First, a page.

The calculation of log GSDs can be found on Microsoft Excel 5 files. At present there are 5 files (Database files 1-5) with chemical agents listed alphabetically. Each clinical study is presented on one sheet of the file. Each sheet shows the name of the agent and the source of the data, any relevant information about the sample and the calculation of log GSDs for the parameters presented in the original research article. The first column presents the pharmacokinetic parameter data for each subject. The adjacent column undertakes some correction for body weight if necessery by either presenting the body weight and dividing the response values of each patient by his/her body weight, or indicating that the dose was administered on a per body weight basis. The subsequent column log-transforms these values and the bolded value at the bottom of this column is the standard deviation of these log values. This log GSD value is transferred to the database. For some agents, probability or z-score plots can be found on the spreadsheets. In cases where data from multiple studies needed to be combined (such as in cases where more than one study contained information about a given chemical and its response parameter) the combinations were conducted on the sheet following the calculation of the individual log GSDs. The combined value was then transferred to the database
Pharmacodynamic parameters were also analyzed on Microsoft Excel 5. To obtain the log GSD for the parameter, a maximum liklihood analysis was conducted using the optimization tools available through Excel. In cases where the data were available in the form of a dose response relationship (i.e., the number of people who showed a particular intensity of response as a function of dose and the number tested), we did maximum likelihood fits to a log probit dose response model using an adaptation of the Excel spreadsheet system published by Haas.( ) The principal adaptation we made to the Haas system was to place the maximum likelihood optimization on one sheet (sheet 1) of an Excel workbook while including the set-ups for upper and lower confidence limits on two parallel sheets of the workbook (sheets 2 and 3 respectively). This means that one file was used for the analysis of one chemical agent. This is more convenient for repeated runs of the likelihood optimizer for the derivation of a series of upper- and lower-cofidence limits (e.g., 5% fractile, 15% fractile, etc.) to assess the likelihood distribution for the Log(GSD).] The probit model is based on assumptions that (1) individual people will show a specific response when their individual tolerances (or thresholds) are exceeded, and (2) the distribution of individual thresholds in the population is lognormal. The reciprocal of the probit slope in such models is the Log(GSD) for the distribution of individual thresholds. (29,32) This value was then transferred to the database. In cases where there was a finite background incidence of response (in controls, without additional toxicant exposure), this background response rate was included as a separate parameter to be estimated in the model, and upper and lower confidence limits for the Log(GSD) were estimated allowing the estimate of the background rate to vary. The pharmacodynamic data files are labelled by the chemical name and information regarding the study and the populations under investigation can be found on the first sheet (the maximum liklihood sheet) of the file.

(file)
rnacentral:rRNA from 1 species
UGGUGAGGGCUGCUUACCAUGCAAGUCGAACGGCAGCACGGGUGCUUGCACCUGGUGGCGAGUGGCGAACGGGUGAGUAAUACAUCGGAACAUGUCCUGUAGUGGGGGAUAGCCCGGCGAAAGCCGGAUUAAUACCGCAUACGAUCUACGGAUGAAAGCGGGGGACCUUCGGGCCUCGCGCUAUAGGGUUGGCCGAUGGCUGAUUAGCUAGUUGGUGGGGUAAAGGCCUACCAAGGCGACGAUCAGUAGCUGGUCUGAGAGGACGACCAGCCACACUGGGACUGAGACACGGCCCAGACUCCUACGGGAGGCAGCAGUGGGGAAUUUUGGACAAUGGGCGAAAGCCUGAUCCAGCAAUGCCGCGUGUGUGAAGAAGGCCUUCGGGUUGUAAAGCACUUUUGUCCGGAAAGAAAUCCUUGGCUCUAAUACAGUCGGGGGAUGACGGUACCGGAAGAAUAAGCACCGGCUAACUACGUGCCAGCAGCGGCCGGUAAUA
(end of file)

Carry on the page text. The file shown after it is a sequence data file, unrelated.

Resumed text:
To facilitate access of data for a particular chemical agent, a list of all the agents with corresponding file names and sheet numbers is available. This file is labelled Contents and indicates the location of the data sets and the authors of the original research articles.